Anyway, I was going to brave Metro on the way home tonight, but as I left the party, there was a taxi dropping people off at the corner. Even though I'm very stingy when it comes to spending money on cabs, I took the opportunity, and it was a $20 well-spent. (Interestingly, when the cabbie made a remark about there being a lot of people out this evening, I made reference to the Super Bowl, and he said "The Super Bowl?". He did not know what it was, or that it had happened today. He was from Pakistan, and I explained that it was the championship match at the end of the American football season.)

Saturday, February 06, 2010

Snowmageddon wrap-up

Quite a storm.

It snowed until 4 or 5 PM this evening, but Snowmageddon is now over. My relatively unscientific measure in the middle of the back yard shows about 20" of very heavy, wet snow. It comes up just past my knee, I had to kind of hurl myself forward to get to the middle of the yard. Wouldn't think that after years of living in Connecticut and Minnesota, the biggest snowfall I have ever seen would be in DC. Here's what the view out the back looked like a few hours before the storm ended:

Apparently locations north of here (between DC and Baltimore) received 36". I walked through downtown DC today on my way to Capitol Hill, and I think they had a few inches less. That matches the total measured at Reagan National Airport, 17.8" -- which makes it the fourth-largest storm on record in DC, and bumps the December storm to 8th, I believe. (Somewhat annoyingly, the airport is the official total for DC even though it's technically across the river in Virginia.)

I had a great day enjoying the storm...lounging around marveling at the snow outside, baking some orange-cinnamon coffee cake, shoveling, and later heading to Capitol Hill for some board games and dinner. I took a few more pictures today, which can be seen in my Snowmageddon Flickr set.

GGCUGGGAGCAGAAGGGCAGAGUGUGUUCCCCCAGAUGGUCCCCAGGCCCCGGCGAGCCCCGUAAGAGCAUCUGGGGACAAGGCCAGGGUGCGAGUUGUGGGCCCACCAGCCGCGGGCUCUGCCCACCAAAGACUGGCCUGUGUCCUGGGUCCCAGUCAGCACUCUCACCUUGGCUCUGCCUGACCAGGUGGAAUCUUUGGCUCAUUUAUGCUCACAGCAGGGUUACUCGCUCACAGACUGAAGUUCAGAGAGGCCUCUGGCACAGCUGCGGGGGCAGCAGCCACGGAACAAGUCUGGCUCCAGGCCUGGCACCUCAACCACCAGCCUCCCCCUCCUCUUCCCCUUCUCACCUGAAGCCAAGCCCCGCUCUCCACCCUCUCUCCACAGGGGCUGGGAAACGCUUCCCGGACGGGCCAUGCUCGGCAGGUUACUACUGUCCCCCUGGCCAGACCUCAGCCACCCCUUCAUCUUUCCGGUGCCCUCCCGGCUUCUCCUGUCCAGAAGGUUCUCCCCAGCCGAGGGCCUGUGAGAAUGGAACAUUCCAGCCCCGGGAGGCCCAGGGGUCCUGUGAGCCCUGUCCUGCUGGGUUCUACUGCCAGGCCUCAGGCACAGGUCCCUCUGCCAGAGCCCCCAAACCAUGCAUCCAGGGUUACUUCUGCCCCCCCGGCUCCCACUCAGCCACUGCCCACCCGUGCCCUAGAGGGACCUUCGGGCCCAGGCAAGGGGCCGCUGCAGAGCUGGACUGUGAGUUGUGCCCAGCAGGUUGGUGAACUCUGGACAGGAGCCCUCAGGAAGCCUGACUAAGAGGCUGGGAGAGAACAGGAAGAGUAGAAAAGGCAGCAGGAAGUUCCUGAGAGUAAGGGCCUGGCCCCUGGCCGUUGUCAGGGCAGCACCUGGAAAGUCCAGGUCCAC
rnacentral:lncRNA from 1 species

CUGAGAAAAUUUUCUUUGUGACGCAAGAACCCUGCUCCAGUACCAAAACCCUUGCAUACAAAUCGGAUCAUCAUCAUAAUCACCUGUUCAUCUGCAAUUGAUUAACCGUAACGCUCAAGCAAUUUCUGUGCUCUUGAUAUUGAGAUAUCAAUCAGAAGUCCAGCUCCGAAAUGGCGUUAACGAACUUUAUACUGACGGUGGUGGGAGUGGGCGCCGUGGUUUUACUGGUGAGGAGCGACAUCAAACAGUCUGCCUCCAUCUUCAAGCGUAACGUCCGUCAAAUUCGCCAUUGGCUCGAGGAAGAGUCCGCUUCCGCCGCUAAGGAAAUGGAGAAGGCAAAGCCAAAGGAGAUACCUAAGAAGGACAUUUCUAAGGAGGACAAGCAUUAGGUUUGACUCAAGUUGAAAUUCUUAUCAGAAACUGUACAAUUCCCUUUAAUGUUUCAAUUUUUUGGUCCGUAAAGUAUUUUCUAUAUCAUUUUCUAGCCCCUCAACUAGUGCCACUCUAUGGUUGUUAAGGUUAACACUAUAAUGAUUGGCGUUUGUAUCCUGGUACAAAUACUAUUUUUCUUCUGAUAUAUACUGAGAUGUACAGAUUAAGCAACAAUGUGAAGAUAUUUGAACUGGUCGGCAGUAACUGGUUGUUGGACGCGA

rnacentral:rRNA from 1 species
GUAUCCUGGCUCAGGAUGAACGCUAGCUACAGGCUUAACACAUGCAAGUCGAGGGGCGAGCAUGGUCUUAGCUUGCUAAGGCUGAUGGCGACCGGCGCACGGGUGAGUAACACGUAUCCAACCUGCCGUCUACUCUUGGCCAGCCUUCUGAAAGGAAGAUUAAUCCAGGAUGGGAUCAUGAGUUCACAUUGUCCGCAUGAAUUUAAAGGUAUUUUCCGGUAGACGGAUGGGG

It feels very Minnesota-like here right now...packed snow on streets, renegade footpaths of tamped-down snow threading through uncleared areas, and roads and sidewalks that were a little melty in the afternoon refreezing to a crunchy state in temps that will be in the low teens tonight.

These gigantic mounds of snow are going to take a while to clean up or melt...getting around promises to be rather messy for a little while. Any bets on when I'll be able to start biking to work again?

Snowmageddon status

Not that I'm trying to provide breathless updates on the snowstorm, but...it's really snowing hard! Now the wind is picking up, and the power flickered a couple times. A couple hours ago things were more sedate:

That's the view from my front porch, but I also took a short walk and snapped a couple other photos.

Also, DCist had this amusing collection of grocery store madness photos.

Friday, February 05, 2010


So, we appear to have a major snowstorm on our hands (again). The snow has already started:

Apparently the only question is exactly how big the storm will be. The Weather Service recently updated their winter storm warning to call for snow totals of 20" - 30" in DC. Yowza.

I went into work this morning; it was pretty empty. It started to snow before lunchtime, and we were let out four hours early...I left my bike at the office (to avoid getting road salt on it) and took Metro home. I walked by Giant and saw that the lines stretched from each register to the back wall of the store, and there was little produce to be had. (When I went last night, there were no carts or baskets available, but there was still produce, and the lines only stretched halfway down the aisles.)

Metro will be closing the above-ground sections, but my stop is underground, so I can get downtown. I think I'll take a little walk on the Mall tomorrow morning, if I can, then head to Capitol Hill to play board games, as I did in December's Snowpocalypse. Should be interesting, and if the Weather Service is right, I suspect I won't be working on Monday.